Xiaofa Qin*
GI Biopharam Inc, 918 Willow Grove Road, Westfield, NJ 07090, USA
Received: 03 April, 2017; Accepted: 01 May, 2017; Published: 04 May, 2017
*Corresponding author:
Xiaofa Qin, GI Biopharma Inc 918 Willow Grove Road, Westfield, NJ 07090, USA, Tel: 908-463-7423; E-mail: @
Qin X (2017) More Pronounced Reduction of Gut Bacteria in Crohn’s Disease than Ulcerative Colitis may have just Reflected Intimate Connection Rather than Difference of these two Diseases-A Different View on Findings Published in Gut. Arch Clin Gastroenterol 3(2): 027-028. 10.17352/2455-2283.000033
© 2017 Qin X. This is an open-access article distributed under the terms of the Creative Commons Attribution License, which permits unrestricted use, distribution, and reproduction in any medium, provided the original author and source are credited.

Short Communication

I read with great interest a paper published recently in Gut [1], as its finding that patients with Crohn’s disease (CD) have more pronounced reduction and dysbiosis in gut bacteria than ulcerative colitis (UC) is just as what I have predicted during the last fifteen years [2,3]. However, in contrast to the notion of the authors of the Gut paper that the more pronounced reduction in gut bacteria in CD suggests CD and UC are two different diseases, my prediction came from the perception of the profound intimate connections between UC and CD. As we know, countries and places have a high incidence of UC usually also have high rate of CD. However, it always showed a pattern that UC emerged first, followed by CD, then CD showed a trend of catching up or even overpassing the incidence of UC. From my finding that digestive proteases such as trypsin and chymotrypsin can be inactivated by unconjugated bilirubin but not conjugated bilirubin and information gathered after that on inflammatory bowel disease (IBD) including UC and CD, I perceived that the primary cause for both UC and CD may be the impairment in the inactivation of digestive proteases due to the reduction in gut bacteria, thus β-glucuronidase enriched in certain kinds of gut bacteria that is needed for catalyzing the deconjugation of biliary bilirubin. UC and CD only differ in that the ubiquitous existence of bacteria in the colon makes infiltration of bacteria, recruitment of neutrophils and formation of crypt abscess as the main characteristic feature of UC, while CD is formed at places with less bacteria, such as in the small intestine, or more striking reduction in gut bacteria as evidenced by the result of newly published Gut paper, along with industrialization, modernization and westernization, resulting in increased infiltration of particles and antigens from gut lumen and the recruitment and reaction of macrophages and lymphocytes and formation of granulomas as the main characteristic features of CD. This notion is also in accordance with the continue increase of the so-called colonic CD over time [3], such as the increase of colonic CD in Stockholm County, Sweden from 15% during 1959-1964 to 32% during 1980-1989, and further to 52% during 1990-2001, and the decease of ileocaecal CD from 58% during 1959-1964 to 41% during 1980-1989, and to 28% during 1990-2001 [4,5], as well as the similar changes observed in Cardiff, UK [6]. Thus I believe UC and CD are just two manifestations of the same morbidity, rather than two different diseases, as first described in the original paper published in 2002 [2] then discussed in more detail in a paper published in 2012 with a unified hypothesis on the etiology of IBD, including the cause and mechanism of IBD as well as the relationship between UC and CD [3] and many other papers with explanations from such a view on different aspects of IBD such as epidemiological, immunologic, therapeutic, clinical, pathological, genetic, dietary, microbial, etc [7]. Thus the newly revealed greater reduction and dysbiosis in gut bacteria in CD as I predicted and discussed time and again during the last fifteen years would be just another piece of evidence of the intimate essential connection between UC and CD hiding behind the superficial diversity and differences as perceived by the authors of the paper. In my opinion, we should put more effort to find out the essential nature and primary cause of IBD but not be bewildered by the phenomenal complexity.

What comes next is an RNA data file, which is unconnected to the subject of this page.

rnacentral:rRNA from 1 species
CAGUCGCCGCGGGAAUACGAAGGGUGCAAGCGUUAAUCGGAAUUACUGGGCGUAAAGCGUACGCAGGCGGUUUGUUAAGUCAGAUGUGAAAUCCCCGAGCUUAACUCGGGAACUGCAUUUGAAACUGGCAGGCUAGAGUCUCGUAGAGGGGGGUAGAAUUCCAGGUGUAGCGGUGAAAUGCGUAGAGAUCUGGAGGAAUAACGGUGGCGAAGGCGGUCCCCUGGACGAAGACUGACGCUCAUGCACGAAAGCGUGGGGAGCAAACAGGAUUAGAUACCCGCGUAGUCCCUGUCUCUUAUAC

1. Pascal V, Pozuelo M, Borruel N, Casellas F, Campos D, et al. (2017) A microbial signature for Crohn's disease. Gut 66: 813-822. Link:
  2. Qin X (2002) Impaired inactivation of digestive proteases by deconjugated bilirubin: the possible mechanism for inflammatory bowel disease. Medical hypotheses 59: 159-163. Link:
  3. Qin X (2012) Etiology of inflammatory bowel disease: A unified hypothesis. World J Gastroenterol 18: 1708-22. Link:
  4. Lapidus A, Bernell O, Hellers G, Persson PG, Lofberg R (1997) Incidence of Crohn's disease in Stockholm County 1955-1989. Gut 41: 480-486. Link:
  5. Lapidus A (2006) Crohn's disease in Stockholm County during 1990-2001: an epidemiological update. World J Gastroenterol 12: 75-81. Link:
  6. Gunesh S, Thomas GA, Williams GT, Roberts A, Hawthorne AB (2008) The incidence of Crohn's disease in Cardiff over the last 75 years: an update for 1996-2005. Aliment Pharmacol Ther 27: 211-219. Link:
  7. Qin X (2017) Publications by Xiaofa Qin. Link:

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